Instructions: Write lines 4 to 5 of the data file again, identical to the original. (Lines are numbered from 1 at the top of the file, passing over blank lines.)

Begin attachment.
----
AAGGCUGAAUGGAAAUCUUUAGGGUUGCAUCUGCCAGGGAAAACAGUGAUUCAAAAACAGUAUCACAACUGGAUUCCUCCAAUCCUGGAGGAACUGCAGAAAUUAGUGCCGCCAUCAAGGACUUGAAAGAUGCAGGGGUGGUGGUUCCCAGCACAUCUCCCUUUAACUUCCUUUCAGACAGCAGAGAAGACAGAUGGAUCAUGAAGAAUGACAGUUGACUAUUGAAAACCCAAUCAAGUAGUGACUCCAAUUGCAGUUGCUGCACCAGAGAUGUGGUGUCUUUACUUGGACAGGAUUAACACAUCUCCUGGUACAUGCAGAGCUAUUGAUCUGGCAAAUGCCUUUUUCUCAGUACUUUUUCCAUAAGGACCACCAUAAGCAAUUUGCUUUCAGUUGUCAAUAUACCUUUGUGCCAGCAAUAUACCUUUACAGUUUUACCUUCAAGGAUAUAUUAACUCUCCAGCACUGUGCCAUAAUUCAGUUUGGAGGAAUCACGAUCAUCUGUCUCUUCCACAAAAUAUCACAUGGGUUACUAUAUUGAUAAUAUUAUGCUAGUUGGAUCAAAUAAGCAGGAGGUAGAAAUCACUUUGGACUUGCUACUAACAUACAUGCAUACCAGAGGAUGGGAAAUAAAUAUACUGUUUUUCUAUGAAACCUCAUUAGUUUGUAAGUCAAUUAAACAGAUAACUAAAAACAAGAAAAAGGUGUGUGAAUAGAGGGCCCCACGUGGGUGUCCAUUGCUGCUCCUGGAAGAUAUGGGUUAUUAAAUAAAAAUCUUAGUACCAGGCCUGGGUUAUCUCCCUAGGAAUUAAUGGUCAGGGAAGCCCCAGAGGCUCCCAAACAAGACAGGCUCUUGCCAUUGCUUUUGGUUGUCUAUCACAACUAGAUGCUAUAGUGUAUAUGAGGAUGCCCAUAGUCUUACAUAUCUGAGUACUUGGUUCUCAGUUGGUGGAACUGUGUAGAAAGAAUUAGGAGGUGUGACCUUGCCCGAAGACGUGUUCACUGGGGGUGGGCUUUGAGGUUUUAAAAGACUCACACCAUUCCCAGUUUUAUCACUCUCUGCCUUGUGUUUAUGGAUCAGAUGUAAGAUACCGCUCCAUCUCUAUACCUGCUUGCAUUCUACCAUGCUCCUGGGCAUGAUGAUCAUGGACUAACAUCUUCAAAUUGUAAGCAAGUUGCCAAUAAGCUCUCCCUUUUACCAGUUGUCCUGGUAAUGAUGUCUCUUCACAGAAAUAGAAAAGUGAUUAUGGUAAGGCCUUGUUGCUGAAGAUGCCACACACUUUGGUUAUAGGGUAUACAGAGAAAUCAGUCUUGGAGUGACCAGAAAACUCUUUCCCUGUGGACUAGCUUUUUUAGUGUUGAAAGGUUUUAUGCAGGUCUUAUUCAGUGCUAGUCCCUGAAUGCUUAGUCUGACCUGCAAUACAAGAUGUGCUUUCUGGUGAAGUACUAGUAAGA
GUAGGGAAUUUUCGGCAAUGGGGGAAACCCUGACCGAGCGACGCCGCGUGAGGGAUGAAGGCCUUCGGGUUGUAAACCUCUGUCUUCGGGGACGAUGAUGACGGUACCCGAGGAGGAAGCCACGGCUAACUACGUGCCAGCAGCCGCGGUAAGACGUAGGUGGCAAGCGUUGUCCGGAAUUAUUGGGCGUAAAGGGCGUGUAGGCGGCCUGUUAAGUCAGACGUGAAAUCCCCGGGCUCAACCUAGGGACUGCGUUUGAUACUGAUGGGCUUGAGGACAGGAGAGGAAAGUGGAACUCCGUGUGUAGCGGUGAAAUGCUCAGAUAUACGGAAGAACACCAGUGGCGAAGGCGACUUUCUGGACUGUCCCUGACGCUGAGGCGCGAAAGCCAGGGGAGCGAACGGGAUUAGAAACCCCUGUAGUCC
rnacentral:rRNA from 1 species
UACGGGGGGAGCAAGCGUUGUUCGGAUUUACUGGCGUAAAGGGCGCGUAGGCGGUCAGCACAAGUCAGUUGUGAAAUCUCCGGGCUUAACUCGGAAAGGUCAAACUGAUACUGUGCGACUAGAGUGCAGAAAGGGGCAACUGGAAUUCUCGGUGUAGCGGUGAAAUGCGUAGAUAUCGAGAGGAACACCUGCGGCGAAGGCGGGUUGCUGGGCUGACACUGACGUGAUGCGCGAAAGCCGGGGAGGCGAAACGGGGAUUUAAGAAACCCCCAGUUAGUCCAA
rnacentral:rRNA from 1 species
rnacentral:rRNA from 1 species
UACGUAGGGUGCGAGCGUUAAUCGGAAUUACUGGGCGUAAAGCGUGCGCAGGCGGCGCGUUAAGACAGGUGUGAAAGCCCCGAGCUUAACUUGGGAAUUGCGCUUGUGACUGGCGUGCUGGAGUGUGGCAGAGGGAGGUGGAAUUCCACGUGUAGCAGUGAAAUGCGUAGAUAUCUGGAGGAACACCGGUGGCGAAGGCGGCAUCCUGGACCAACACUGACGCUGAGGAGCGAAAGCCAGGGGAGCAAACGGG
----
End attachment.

UACGGGGGGAGCAAGCGUUGUUCGGAUUUACUGGCGUAAAGGGCGCGUAGGCGGUCAGCACAAGUCAGUUGUGAAAUCUCCGGGCUUAACUCGGAAAGGUCAAACUGAUACUGUGCGACUAGAGUGCAGAAAGGGGCAACUGGAAUUCUCGGUGUAGCGGUGAAAUGCGUAGAUAUCGAGAGGAACACCUGCGGCGAAGGCGGGUUGCUGGGCUGACACUGACGUGAUGCGCGAAAGCCGGGGAGGCGAAACGGGGAUUUAAGAAACCCCCAGUUAGUCCAA
rnacentral:rRNA from 1 species